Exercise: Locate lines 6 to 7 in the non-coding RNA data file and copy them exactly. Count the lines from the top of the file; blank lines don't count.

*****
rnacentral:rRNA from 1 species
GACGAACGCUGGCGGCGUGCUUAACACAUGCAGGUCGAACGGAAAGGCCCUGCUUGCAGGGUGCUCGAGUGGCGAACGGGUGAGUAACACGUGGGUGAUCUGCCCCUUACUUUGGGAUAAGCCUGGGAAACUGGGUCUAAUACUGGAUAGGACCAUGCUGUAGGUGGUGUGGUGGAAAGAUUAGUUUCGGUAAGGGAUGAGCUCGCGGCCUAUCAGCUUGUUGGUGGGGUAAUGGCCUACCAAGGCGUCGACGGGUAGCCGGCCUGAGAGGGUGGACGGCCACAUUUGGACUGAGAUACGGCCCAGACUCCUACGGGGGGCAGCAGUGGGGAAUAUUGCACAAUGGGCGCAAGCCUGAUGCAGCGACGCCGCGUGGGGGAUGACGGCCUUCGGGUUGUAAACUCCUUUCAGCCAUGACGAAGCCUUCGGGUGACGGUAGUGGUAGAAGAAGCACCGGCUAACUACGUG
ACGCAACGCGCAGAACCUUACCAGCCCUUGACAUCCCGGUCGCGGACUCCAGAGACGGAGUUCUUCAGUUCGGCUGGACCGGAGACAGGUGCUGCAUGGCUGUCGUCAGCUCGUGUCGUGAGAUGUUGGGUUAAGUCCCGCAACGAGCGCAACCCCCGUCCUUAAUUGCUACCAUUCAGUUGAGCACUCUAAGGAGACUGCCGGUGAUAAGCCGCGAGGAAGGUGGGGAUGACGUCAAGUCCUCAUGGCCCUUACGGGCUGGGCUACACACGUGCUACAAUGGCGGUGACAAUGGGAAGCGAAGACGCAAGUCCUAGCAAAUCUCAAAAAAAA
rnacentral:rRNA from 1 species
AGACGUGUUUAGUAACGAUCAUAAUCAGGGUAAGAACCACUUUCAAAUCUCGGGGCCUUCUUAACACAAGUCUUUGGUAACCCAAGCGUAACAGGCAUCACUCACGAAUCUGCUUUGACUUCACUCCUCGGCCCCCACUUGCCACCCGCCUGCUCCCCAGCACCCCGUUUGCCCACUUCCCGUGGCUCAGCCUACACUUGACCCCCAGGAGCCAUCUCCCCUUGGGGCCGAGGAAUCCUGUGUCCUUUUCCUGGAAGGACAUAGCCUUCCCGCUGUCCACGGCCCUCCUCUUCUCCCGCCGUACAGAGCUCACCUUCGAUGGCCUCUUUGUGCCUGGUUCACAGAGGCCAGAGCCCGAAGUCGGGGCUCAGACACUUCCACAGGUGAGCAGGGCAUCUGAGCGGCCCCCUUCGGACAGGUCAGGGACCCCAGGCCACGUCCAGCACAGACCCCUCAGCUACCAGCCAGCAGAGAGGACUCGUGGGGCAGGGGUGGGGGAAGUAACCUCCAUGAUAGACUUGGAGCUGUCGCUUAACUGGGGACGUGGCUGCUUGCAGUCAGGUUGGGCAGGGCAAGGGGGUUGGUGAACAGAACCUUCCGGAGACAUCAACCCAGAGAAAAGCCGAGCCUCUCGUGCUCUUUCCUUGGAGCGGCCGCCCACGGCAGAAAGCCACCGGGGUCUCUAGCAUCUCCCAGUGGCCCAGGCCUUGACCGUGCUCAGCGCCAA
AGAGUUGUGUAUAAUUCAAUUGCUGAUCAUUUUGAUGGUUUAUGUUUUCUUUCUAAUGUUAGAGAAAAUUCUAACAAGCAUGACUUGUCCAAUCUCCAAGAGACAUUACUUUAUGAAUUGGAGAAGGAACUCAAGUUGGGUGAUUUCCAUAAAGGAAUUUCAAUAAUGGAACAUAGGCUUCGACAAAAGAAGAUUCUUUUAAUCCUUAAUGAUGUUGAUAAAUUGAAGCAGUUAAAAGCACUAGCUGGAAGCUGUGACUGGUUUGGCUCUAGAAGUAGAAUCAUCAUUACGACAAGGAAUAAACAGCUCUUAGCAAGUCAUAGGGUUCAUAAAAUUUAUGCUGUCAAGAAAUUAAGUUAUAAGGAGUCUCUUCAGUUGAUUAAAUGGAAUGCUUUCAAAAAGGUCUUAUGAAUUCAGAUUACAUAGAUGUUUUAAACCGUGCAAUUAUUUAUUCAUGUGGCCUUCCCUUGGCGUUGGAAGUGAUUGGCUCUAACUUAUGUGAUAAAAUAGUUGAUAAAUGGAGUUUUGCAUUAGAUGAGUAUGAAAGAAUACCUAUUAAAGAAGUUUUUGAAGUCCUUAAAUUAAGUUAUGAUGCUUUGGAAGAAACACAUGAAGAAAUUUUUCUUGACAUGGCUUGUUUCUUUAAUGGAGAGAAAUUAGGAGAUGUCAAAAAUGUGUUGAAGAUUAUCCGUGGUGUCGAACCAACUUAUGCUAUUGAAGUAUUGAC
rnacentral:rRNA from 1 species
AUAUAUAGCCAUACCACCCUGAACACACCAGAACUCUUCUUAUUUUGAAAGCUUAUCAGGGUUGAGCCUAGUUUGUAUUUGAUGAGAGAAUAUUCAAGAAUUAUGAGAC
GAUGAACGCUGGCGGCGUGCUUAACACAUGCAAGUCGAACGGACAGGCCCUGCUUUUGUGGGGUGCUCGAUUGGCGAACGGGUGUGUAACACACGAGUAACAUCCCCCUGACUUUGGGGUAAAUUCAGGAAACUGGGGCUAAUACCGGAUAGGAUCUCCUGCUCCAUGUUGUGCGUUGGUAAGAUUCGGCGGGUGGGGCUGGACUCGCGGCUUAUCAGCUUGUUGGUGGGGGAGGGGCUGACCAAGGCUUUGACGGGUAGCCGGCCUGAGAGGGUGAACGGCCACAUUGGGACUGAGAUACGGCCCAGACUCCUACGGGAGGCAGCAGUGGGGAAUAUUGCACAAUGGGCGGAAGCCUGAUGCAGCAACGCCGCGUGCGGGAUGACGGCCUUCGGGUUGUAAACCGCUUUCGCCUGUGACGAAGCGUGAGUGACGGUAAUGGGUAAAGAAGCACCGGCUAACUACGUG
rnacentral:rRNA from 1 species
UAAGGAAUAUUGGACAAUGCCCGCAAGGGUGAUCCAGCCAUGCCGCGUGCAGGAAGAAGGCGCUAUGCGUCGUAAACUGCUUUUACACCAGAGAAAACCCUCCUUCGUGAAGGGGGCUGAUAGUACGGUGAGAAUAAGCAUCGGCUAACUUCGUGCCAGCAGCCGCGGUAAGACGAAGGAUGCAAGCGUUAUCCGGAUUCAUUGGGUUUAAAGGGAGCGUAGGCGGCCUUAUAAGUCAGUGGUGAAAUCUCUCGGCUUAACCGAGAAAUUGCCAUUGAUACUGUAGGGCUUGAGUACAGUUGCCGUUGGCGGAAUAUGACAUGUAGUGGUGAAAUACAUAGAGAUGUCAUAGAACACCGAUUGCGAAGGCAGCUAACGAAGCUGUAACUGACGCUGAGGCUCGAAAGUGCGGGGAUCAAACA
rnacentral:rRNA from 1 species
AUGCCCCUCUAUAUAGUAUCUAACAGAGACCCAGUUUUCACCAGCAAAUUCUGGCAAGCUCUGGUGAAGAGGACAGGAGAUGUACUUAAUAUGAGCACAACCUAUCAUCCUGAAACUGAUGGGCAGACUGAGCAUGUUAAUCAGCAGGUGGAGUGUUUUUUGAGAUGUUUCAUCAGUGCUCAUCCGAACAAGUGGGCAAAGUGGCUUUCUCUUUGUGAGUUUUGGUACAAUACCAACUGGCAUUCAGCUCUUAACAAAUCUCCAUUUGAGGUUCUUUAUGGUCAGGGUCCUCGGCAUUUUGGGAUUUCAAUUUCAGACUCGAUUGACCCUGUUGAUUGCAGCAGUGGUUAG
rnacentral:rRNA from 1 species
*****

AGAGUUGUGUAUAAUUCAAUUGCUGAUCAUUUUGAUGGUUUAUGUUUUCUUUCUAAUGUUAGAGAAAAUUCUAACAAGCAUGACUUGUCCAAUCUCCAAGAGACAUUACUUUAUGAAUUGGAGAAGGAACUCAAGUUGGGUGAUUUCCAUAAAGGAAUUUCAAUAAUGGAACAUAGGCUUCGACAAAAGAAGAUUCUUUUAAUCCUUAAUGAUGUUGAUAAAUUGAAGCAGUUAAAAGCACUAGCUGGAAGCUGUGACUGGUUUGGCUCUAGAAGUAGAAUCAUCAUUACGACAAGGAAUAAACAGCUCUUAGCAAGUCAUAGGGUUCAUAAAAUUUAUGCUGUCAAGAAAUUAAGUUAUAAGGAGUCUCUUCAGUUGAUUAAAUGGAAUGCUUUCAAAAAGGUCUUAUGAAUUCAGAUUACAUAGAUGUUUUAAACCGUGCAAUUAUUUAUUCAUGUGGCCUUCCCUUGGCGUUGGAAGUGAUUGGCUCUAACUUAUGUGAUAAAAUAGUUGAUAAAUGGAGUUUUGCAUUAGAUGAGUAUGAAAGAAUACCUAUUAAAGAAGUUUUUGAAGUCCUUAAAUUAAGUUAUGAUGCUUUGGAAGAAACACAUGAAGAAAUUUUUCUUGACAUGGCUUGUUUCUUUAAUGGAGAGAAAUUAGGAGAUGUCAAAAAUGUGUUGAAGAUUAUCCGUGGUGUCGAACCAACUUAUGCUAUUGAAGUAUUGAC
rnacentral:rRNA from 1 species